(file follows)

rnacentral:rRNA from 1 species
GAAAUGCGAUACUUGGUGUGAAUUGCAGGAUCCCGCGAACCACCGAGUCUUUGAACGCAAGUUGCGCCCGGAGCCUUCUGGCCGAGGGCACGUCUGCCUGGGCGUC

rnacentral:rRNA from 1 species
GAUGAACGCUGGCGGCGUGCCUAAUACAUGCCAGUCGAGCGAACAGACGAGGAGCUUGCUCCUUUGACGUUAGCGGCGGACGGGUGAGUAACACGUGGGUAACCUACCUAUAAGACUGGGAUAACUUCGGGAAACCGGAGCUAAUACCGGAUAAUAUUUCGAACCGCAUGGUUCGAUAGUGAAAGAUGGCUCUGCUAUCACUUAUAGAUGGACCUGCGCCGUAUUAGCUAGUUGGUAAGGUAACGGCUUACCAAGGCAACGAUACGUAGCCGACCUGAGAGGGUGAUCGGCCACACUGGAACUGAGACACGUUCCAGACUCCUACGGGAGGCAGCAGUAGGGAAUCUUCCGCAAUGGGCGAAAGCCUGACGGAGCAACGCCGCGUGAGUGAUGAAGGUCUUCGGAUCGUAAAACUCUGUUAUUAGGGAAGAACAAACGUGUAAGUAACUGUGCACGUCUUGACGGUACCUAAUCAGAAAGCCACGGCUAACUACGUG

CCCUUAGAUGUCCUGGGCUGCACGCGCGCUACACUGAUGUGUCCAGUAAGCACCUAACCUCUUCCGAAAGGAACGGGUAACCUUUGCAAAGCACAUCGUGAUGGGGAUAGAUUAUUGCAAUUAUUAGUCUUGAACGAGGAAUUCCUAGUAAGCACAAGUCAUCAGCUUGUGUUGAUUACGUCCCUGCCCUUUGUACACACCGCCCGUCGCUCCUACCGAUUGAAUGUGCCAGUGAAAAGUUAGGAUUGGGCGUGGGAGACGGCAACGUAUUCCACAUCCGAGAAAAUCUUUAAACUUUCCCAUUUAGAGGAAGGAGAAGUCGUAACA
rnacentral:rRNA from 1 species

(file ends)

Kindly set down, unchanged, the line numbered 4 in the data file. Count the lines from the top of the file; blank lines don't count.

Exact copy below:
GAUGAACGCUGGCGGCGUGCCUAAUACAUGCCAGUCGAGCGAACAGACGAGGAGCUUGCUCCUUUGACGUUAGCGGCGGACGGGUGAGUAACACGUGGGUAACCUACCUAUAAGACUGGGAUAACUUCGGGAAACCGGAGCUAAUACCGGAUAAUAUUUCGAACCGCAUGGUUCGAUAGUGAAAGAUGGCUCUGCUAUCACUUAUAGAUGGACCUGCGCCGUAUUAGCUAGUUGGUAAGGUAACGGCUUACCAAGGCAACGAUACGUAGCCGACCUGAGAGGGUGAUCGGCCACACUGGAACUGAGACACGUUCCAGACUCCUACGGGAGGCAGCAGUAGGGAAUCUUCCGCAAUGGGCGAAAGCCUGACGGAGCAACGCCGCGUGAGUGAUGAAGGUCUUCGGAUCGUAAAACUCUGUUAUUAGGGAAGAACAAACGUGUAAGUAACUGUGCACGUCUUGACGGUACCUAAUCAGAAAGCCACGGCUAACUACGUG